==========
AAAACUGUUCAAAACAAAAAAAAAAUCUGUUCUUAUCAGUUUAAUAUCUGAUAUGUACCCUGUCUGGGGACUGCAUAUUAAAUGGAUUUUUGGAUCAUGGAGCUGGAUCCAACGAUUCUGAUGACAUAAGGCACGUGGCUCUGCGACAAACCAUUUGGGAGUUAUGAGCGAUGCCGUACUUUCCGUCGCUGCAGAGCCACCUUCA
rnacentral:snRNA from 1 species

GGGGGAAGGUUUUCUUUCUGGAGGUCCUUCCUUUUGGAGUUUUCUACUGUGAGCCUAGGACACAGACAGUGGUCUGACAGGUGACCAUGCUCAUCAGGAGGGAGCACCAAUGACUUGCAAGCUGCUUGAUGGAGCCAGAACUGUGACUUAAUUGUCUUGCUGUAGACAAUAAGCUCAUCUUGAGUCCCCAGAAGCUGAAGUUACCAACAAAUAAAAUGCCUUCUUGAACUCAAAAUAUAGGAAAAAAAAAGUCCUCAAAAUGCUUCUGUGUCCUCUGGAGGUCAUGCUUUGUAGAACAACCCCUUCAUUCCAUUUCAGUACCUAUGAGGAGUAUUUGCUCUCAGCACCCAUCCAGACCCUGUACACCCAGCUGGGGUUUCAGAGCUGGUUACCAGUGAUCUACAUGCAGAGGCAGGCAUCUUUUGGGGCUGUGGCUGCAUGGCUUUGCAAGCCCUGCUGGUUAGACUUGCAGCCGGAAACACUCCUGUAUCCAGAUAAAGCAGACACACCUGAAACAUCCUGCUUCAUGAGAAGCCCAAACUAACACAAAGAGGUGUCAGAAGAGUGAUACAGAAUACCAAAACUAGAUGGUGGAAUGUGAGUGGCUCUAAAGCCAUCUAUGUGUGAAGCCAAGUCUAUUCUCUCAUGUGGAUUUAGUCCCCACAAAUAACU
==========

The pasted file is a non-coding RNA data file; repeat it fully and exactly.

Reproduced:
AAAACUGUUCAAAACAAAAAAAAAAUCUGUUCUUAUCAGUUUAAUAUCUGAUAUGUACCCUGUCUGGGGACUGCAUAUUAAAUGGAUUUUUGGAUCAUGGAGCUGGAUCCAACGAUUCUGAUGACAUAAGGCACGUGGCUCUGCGACAAACCAUUUGGGAGUUAUGAGCGAUGCCGUACUUUCCGUCGCUGCAGAGCCACCUUCA
rnacentral:snRNA from 1 species

GGGGGAAGGUUUUCUUUCUGGAGGUCCUUCCUUUUGGAGUUUUCUACUGUGAGCCUAGGACACAGACAGUGGUCUGACAGGUGACCAUGCUCAUCAGGAGGGAGCACCAAUGACUUGCAAGCUGCUUGAUGGAGCCAGAACUGUGACUUAAUUGUCUUGCUGUAGACAAUAAGCUCAUCUUGAGUCCCCAGAAGCUGAAGUUACCAACAAAUAAAAUGCCUUCUUGAACUCAAAAUAUAGGAAAAAAAAAGUCCUCAAAAUGCUUCUGUGUCCUCUGGAGGUCAUGCUUUGUAGAACAACCCCUUCAUUCCAUUUCAGUACCUAUGAGGAGUAUUUGCUCUCAGCACCCAUCCAGACCCUGUACACCCAGCUGGGGUUUCAGAGCUGGUUACCAGUGAUCUACAUGCAGAGGCAGGCAUCUUUUGGGGCUGUGGCUGCAUGGCUUUGCAAGCCCUGCUGGUUAGACUUGCAGCCGGAAACACUCCUGUAUCCAGAUAAAGCAGACACACCUGAAACAUCCUGCUUCAUGAGAAGCCCAAACUAACACAAAGAGGUGUCAGAAGAGUGAUACAGAAUACCAAAACUAGAUGGUGGAAUGUGAGUGGCUCUAAAGCCAUCUAUGUGUGAAGCCAAGUCUAUUCUCUCAUGUGGAUUUAGUCCCCACAAAUAACU